Eighth Circuit Breathes New Life into Rule 9(b)
Adding to the already-muddled case law regarding precisely what must be pleaded with particularity under Rule 9(b), in a 2-1 decision, the Eighth Circuit recently breathed life into the requirement that a relator who does not identify representative false claims must nonetheless at least plead facts that provide "reliable indicia that lead to a strong inference that claims were actually submitted." In United States ex rel. Strubbe v. Crawford County Memorial Hospital, 915 F.3d 1158 (2019), the majority held that even alleged statements by management that certain policies were enacted for billing and cost reimbursement purposes showed only a "possibility" that claims were submitted, which is insufficient under Rule 9(b) to plead a False Claims Act claim.
Relators in Strubbe worked as EMTs and paramedics for an Iowa hospital. They alleged (among other things) that the hospital required paramedics to perform breathing treatments previously provided by nursing staff and document each treatment as having taken 30 minutes, regardless of the shorter actual duration, for the purpose of inflating Medicare billings. According to relators, hospital management told employees this change was for "billing" and "cost reimbursement purposes." Relators further alleged that the hospital billed certain services even though the individuals providing the services were not properly licensed to do so. The district court dismissed for failure to plead the submission of a false claim with particularity under Rule 9(b).
The Eighth Circuit affirmed. Under that court's 2014 decision in United States ex rel. Thayer v. Planned Parenthood of the Heartland, 765 F.2d 914, a relator need not plead representative examples of false claims (which relators in Strubbe did not), but may alternatively plead "the particular details of a scheme to submit false claims paired with reliable indicia that lead to a strong inference that claims were actually submitted." The court in Strubbe held that while relators pleaded "some details of the fraudulent scheme," the complaint lacked facts giving rise to a strong inference that claims were submitted. The court reasoned that relators did not have access to the hospital's billing records or personal knowledge of its billing practices or system, and at best the allegations "show[ed] the possibility that [the hospital] submitted claims." A strongly worded dissent argued that the majority's decision created a nearly insurmountable pleading requirement for relators who did not work in billing-related jobs, writing that such individuals could not satisfy Rule 9(b) "short of . . . committing criminal activity by illegally accessing the [company's] billing records." The dissent also expressed concern that a company could "effectively eliminate any civil liability for false claims by eliminating access to financial information."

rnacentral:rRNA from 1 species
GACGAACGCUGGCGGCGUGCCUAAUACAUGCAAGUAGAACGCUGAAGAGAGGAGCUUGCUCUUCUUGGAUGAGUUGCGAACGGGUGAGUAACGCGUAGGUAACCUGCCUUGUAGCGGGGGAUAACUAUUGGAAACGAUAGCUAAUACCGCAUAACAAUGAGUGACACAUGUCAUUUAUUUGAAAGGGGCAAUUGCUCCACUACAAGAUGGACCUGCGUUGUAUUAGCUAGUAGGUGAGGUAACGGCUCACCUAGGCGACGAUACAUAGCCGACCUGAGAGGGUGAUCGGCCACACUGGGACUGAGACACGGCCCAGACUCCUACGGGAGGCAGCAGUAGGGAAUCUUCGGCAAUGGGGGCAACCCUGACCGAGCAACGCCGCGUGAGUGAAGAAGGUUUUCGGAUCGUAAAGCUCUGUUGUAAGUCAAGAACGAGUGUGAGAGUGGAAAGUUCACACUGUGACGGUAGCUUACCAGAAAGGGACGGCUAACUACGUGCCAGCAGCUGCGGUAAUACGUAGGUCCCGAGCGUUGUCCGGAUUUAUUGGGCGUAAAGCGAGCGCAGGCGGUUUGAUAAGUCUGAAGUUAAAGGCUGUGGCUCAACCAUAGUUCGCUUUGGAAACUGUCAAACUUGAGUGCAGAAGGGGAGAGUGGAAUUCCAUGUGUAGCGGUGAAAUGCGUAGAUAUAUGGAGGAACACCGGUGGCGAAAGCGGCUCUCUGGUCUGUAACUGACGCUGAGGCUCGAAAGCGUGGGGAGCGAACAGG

As we have blogged about previously, circuits remain split on whether Rule 9(b) requires that a relator identify specific invoices submitted to the government, or whether the relator need only provide sufficiently reliable information to suggest that false claims were submitted. Although the Eighth Circuit still falls in the latter camp, Strubbe moves it a bit closer to the line, and is likely to increase calls for the Supreme Court finally to resolve the Rule 9(b) split.
© Arnold & Porter Kaye Scholer LLP 2019. All Rights Reserved. This blog post is intended to be a general summary of the law and does not constitute legal advice. You should consult with counsel to determine applicable legal requirements in a specific fact situation.